So, what is phubbing? It’s very simply giving all of your attention to your phone and ignoring the outside world, including someone that may be talking to you. In fact, it’s very possible that you are phubbing somebody while reading this article! With the world-wide rise, and take over, of smartphones, it’s no wonder that the phenomenon of phubbing has become prevalent in our society. But why has it bled over into our relationships? To find the answer, it’s important to first have a better understanding of why we phub each other and what signs to watch for.
Why We “Phub”
The truth is that many factors come into play when trying to “put a finger” on why we Phub others. It’s easy to be upset when someone else Phubs you but then do it right back later without even meaning to. Think about your smartphone for a minute. How many different things could you possibly go do on it right now? A crap-load that’s how many. Let alone the high amount of notifications, texts, calls, messages, etc. that could be waiting on screen after you turn it on.
A Stanford University study found that people who are constantly receiving digital information have issues paying attention, trouble recalling information and difficulty changing jobs/projects.
So in short, the person phubbing honestly may not be aware that they are doing it, nor to what degree.
Signs of Phubbing
There are many signs of phubbing to keep an eye out for:
- Looking at your phone while someone else is talking to you (at any point in the convo).
- Checking your phone when it rings/vibrates while someone else is talking.
- Answering/sending texts, calls, messages, etc. while on a date.
- Using your phone to counter against awkward social situations.
- Holding your phone in your hand while spending time with others.
- You place the phone screen side up during meetings, dates, etc. in order to view notifications as they pop up.
Side Effects of Phubbing
Phubbing can result in many negative emotions, by causing your partner to feel ignored, rejected or even as a lower priority to you. Even worse, cheating suspicions can arise regardless of their validity.
- Mental Health – In a study conducted by Meredith David and James Roberts, results showed that phubbing can have a damaging impact on our relationships. The constant feeling of being unimportant to someone you love, that accompanies being phubbed, can lead to depression and a feeling of dissatisfaction with life.
- Disconnected Feelings – This is something that I’ve experienced in my life, and as I tried to reconnect with how I was feeling, I found that it’s very hard to describe. But I’ll do my best. In general, it’s just feeling like I’m less important than whatever was on her screen. And oddly, it almost irks me more when I find out it was just a quick scroll through Pinterest.
- Less Quality Interactions – So I think it’s safe to say that, at least in our minds, we are “good” at multitasking in all aspects of our lives. So why not when we are on our phones? To you, it truly feels like you are engaged in both the digital and real world simultaneously. And doing so splendidly! But the truth is that it’s impossible to give your FULL attention to two things at once. It just is.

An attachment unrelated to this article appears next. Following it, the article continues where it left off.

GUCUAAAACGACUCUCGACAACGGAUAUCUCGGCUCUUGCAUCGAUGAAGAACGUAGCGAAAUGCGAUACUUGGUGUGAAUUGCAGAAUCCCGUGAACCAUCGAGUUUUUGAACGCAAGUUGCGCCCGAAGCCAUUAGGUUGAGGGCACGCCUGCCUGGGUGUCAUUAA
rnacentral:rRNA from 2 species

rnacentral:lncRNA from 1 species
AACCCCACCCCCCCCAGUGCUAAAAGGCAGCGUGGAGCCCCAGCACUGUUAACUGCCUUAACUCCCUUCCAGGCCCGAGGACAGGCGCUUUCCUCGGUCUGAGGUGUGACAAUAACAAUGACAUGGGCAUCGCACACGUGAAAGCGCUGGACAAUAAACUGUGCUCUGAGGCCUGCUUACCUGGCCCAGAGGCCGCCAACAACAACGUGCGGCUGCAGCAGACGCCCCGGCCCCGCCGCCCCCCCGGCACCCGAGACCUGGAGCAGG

All that information is great, but now what do I do with it?
In your relationship
- Communicate – Talk with one another about your thoughts on phubbing and how you are going to handle it in your relationship. Keep talking until you have a common understanding that works for the both of you.
- Declare “Phone-Free” zones – A great place to start implementing a “Phone Free” zone is when sitting down for a meal together, whether at a table or on the couch.
- Leave the phone at home – I know, it’s terrifying to even think about being without your phone. But I promise, it’ll be okay! Maybe start small and leave your phone in the car the next time you go out with your boo.
- Be understanding – Did you know that nearly every person spends an average of 5 hours a day on their phone? And the truth is that much of this time may overlap with time you are spending together.
- Lead by example – If you don’t want you S/O to phub you, then don’t be a phubber yourself.
- Call them out (without a shout) – Don’t just yell “Stop Phubbing me!”, but rather as nicely as possible make them aware that you notice this behavior and how it makes you feel. If they refuse to stop, you may have bigger problems.
- Refuse to Talk – This has actually worked well for me in my relationship. If my girlfriend is Phubbing me, I will just say “Just let me know when you are done and we can talk”. This works well because it accomplishes two things by making them aware that they are phubbing you, while also sending the message that a disconnect is happening. Remember it’s not just about calling them out, or using it as a weapon in an argument, but rather align your expectations of mutual respect.
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